Strategy, Culture, Change, & Filters (Post 4 of 13)
Author: Peter Jay Sorenson CMC®, StrategicOrganizationDesign.com
13 June 2013
As I read the articles from James Brian Quinn he documented what he saw done by successful “C” level leaders in organizations. He indicated that these leaders deliberately developed multiple sources of information about what was happening in the organization so that they could get a more accurate picture of reality.
Effective change managers actively develop informal networks to get objective information – from other staff and line executives, workers, customers, board members, suppliers, politicians, technologists, educators, outside professionals, government groups, and so on – to sense possible needs for change. They purposely use these networks to short-circuit all the careful screens their organizations build up to “tell the top only what it wants to hear.” (Quinn, James Brian, “Managing Strategic Change,” Sloan Management Review, Summer 1980; 21, pages 03-20.)
As I reflected on what Jamie Houghton had done at Corning I realized that he had done what Quinn had seen done in the organizations he studied. Jamie had carefully created both formal and informal networks throughout the organization that gave him access to the reality of Corning. He was not limited to an illusion that had been created by the flow of information through filters that inevitably distorts reality. Those filters are a characteristic of organizing. They exist in all organizations. However, they are better or worse depending on the culture of the organization and the character and motivations of the individuals involved.
Principle of Triangulation
The underlying principle that Jamie and others used is the principle of triangulation.
I first learned that principle in high school geometry. Basically it goes like this: if you want to discover the location of an unknown point, you find it based on its relationship to two other known points.
When I was working for my Uncle Jack on his farm in Ellensburg, Washington we used a surveyor’s theodolite to determine the location of intermediate ditches in the large sugar beet fields that he grew. You wanted water to flow freely in the middle ditches cutting across the field so that they could feed water into the ditches between the rows of sugar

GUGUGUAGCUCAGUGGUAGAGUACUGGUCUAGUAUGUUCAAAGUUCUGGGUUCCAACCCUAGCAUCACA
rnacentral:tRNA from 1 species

beets. Each sugar beet needed a drink of water. (Pete setting siphon tubes on the farm – 2011) To make that happen you had to harness the law of gravity by making the ditches go downhill. You found out what direction downhill was using the surveying instrument and the principle of triangulation. We used the position of known points to determine the position of a third point so you could achieve your desired objective: sugar beets that are hydrated.
I also used the principle of triangulation doing navigation in the US Navy. We flew around the Pacific in P-3 Orions and always had a destination we
were trying to get to. Runways to land on were a high priority good thing for us. One of the systems we used for determining our position, direction, and rate of speed was call LORAN (Long Range Navigation). There were LORAN stations along the coast of the US and Canada at known spots on the map. We would get an electronic signal from two known LORAN stations to triangulate our position. If we did that several times over a short period of time we could track our direction and speed. It all meant that we had a much better chance of efficiently arriving at our destination.
Now days we have the combination of the atmospheric based Global Positioning System (GPS) Satellites
and the ground based Cellular Phone Networks. Each cell tower is in a known position determined by a GPS signal. By comparing two cell tower positions to our position our smart phones can tell us our position and the cellular network computers can accurately define our position for emergency responders. It is all done using the principle of triangulation.
In organizations the same principle of triangulation applies. You know how accurate and reliable a piece of information is by comparing it to other pieces of information we have access to. When you have a broad, deep network of relationships you can access a variety of perspectives, points of view, and experiences. By mining data through conversations and interactions you can obtain the information you need to define a more objective view of what is going on and use that information to nudge and influence the individuals and groups involved to move in a specific direction.
And by having these conversations and interactions you can also modify your point of view and your plans to incorporate the data, ideas, and thoughts of others to shape your direction to accommodate reality.
So if you want to formulate and implement strategy, shape culture, create change, and manage the filters along the way, you will need to create a wide and deep network of relationships to minimize distortion and maximize your ability to move the organization forward.